tactical and almost wholly peaceful. Through this patient movement,
protesters gained the respect and support of non-protesting Bolivians,
instead of alienating those whose lives were negatively affected by the
blockades and marches. A recent poll by El Deber, a newspaper in the
conservative Santa Cruz region of Bolivia has found that 75% of
Bolivian's favor nationalization of the gas industry. Comments in El
Alto and La Paz over the weekend mirrored this sentiment. "Those
campesinos stood up for the rights of all Bolivians; they were out there
fighting for us and I am proud of what they did," a middle-class woman
in La Paz affirmed as she waited in the street for 8 hours on Saturday
to get her share of the shipment of cooking gas from El Alto.
Lastly, the social movements here ought to
be credited with saving lives. Their discipline and restraint, week
after week, prevented escalated violence in the streets. Their strength
and determination prevented the presidency of Hormando Vaca Diez, a man
whose first task would have been to send out military against his own
citizens. One life was lost and though there were few reports
internationally about the reaction to loss of miners cooperative
President Juan Carlos Coro, his death did not go unnoticed here. On
Friday, black plastic bags were tied to the tops of Wiphalas and miners
hats as the thousands long funeral procession marched slowly along the
Prado. San Francisco felt sad that afternoon and the grief for the life
that was taken was only metered by the relief everyone felt in the fact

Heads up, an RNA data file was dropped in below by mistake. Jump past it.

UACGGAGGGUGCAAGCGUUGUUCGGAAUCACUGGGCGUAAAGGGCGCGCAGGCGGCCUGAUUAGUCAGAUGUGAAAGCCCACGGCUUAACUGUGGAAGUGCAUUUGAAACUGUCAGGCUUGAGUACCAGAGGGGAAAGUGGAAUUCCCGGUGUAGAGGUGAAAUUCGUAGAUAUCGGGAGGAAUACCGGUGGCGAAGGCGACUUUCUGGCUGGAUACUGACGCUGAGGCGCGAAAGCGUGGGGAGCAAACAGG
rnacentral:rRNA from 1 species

that Bolivia had avoided a situation that would have meant losing many
The Question of
The most tangible result of the past month
of mobilizations is that there is a new President. But the significance
of this for the Gas Was is not yet clear because the prospect of new
elections raises divisive and difficult questions that will take a long
time to answer.
At the base, Mesa's removal is primarily
symbolic. He needed to be sacrificed to demonstrate the consequences
state power will face if it does not listen to its citizens, not because
replacing him would directly bring about nationalization. President
Eduardo Rodriguez is now constitutionally obligated to call new
Presidential elections within six months. He is not required nor does he
have the exclusive power to call new elections for Parliament as well.
He has stated that he will try to bring about general elections but
Congress itself must ratify a change in the country's Carta Magna or
pass an amendment for this to occur. For the social movements, these
general elections are more important than those for President because
revamping Congress would offer an opportunity to affect a minimal shift
in governmental power. Recent statements from congressional leaders
imply that Congress is willing to call these new elections but nothing
has been decided.
Should new general elections be called,
they are, at best, a small opportunity for forward progression in the
Gas War. At worst, they are a distraction that will result in nothing
more than a game of musical chairs amongst the political elite of this
The benefit of new elections is the chance
to empower politicians more likely to nationalize the gas industry and
carry out an honest and people-directed Constituent Assembly. But this
is easier said than done in Bolivia right now. Internationally there is
much talk of "President Evo" and of MAS (Movement Towards Socialism)
being in a position to gain a stronger foothold in Congress. Here, the
prospects for this are more grim. The feeling among Evo's theoretical
base (poor and indigenous) is that that he cares more about
international approval and the long-term viability of his political
party than about the life of the average Bolivian. His actions in the
past month only fueled this criticism because he acted like a
temperature-sensitive politician, rather than spokesman for his people.